Shinrin-yoku, directly translates to “forest bath”. The term emerged in 1982, when the Japanese Ministry of Forestry coined Shinrin-yoku as a physiological and psychological exercise. This was to offer a natural remedy to citizens for tech-boom burnout relief and to inspire reconnection with and protection of Japan’s forests.
These traditional baths are a mindful Japanese bathing practice. One immerses themselves in nature to intentionally receive therapeutic benefits by using all five senses. Shinrin-yoku plays an immense role in preventative healthcare and healing in Japanese medicine. The research findings that are associated with the healing properties of Shinrin-yoku specifically puts a point on the therapeutic effects provided on the immune system by increasing natural killer cells aiding in cancer prevention. The cardiovascular system by lowering pulse rate and blood pressure. Depression and anxiety by reducing cortisol levels which relieves stress. Mental relaxation for attention-deficit/hyperactivity disorder. As well as human feelings of “awe” which is an increase in gratitude and selflessness.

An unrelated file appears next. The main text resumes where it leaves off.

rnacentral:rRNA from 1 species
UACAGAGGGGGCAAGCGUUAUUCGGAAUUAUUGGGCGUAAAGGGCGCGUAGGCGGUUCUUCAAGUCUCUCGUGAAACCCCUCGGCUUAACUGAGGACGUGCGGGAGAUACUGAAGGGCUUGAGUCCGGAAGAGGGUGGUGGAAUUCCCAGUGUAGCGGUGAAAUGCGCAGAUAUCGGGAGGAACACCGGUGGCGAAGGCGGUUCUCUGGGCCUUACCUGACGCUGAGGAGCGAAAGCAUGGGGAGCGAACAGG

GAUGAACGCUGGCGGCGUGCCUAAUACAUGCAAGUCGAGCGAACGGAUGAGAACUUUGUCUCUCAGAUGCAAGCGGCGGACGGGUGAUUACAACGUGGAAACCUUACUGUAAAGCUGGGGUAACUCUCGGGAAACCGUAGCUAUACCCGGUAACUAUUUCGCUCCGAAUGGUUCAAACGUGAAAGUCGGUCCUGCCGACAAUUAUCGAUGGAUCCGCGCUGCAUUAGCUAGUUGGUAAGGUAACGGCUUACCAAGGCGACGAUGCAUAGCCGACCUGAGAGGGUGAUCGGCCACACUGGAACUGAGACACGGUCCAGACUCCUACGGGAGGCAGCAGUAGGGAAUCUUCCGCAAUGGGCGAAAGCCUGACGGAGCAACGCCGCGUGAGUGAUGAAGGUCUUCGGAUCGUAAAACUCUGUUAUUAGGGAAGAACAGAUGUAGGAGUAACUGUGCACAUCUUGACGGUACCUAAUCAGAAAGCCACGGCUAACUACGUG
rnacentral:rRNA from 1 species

Shinrin-yoku is a form of nature therapy, and in the Concept of Nature Therapy it is stated that this is “a set of practices aimed at achieving ‘preventative medical effects’ through exposure of natural stimuli that render a state of physiological relaxation and boost the weakened immune functions to prevent diseases.” Exposure to stimuli of all five senses has a direct effect on immune function recovery by increasing the parasympathetic nervous system and a heightened awareness that leads to a state of relaxation and preventive medicinal effect.
In short, forest bathing or spending time in nature in general is beneficial both mentally and physically. And the practice of shinrin-yoku is very simple as well. Take some time away from this fast-paced world, head to a heavily forested area, soak mindfully and let the trees work their magic.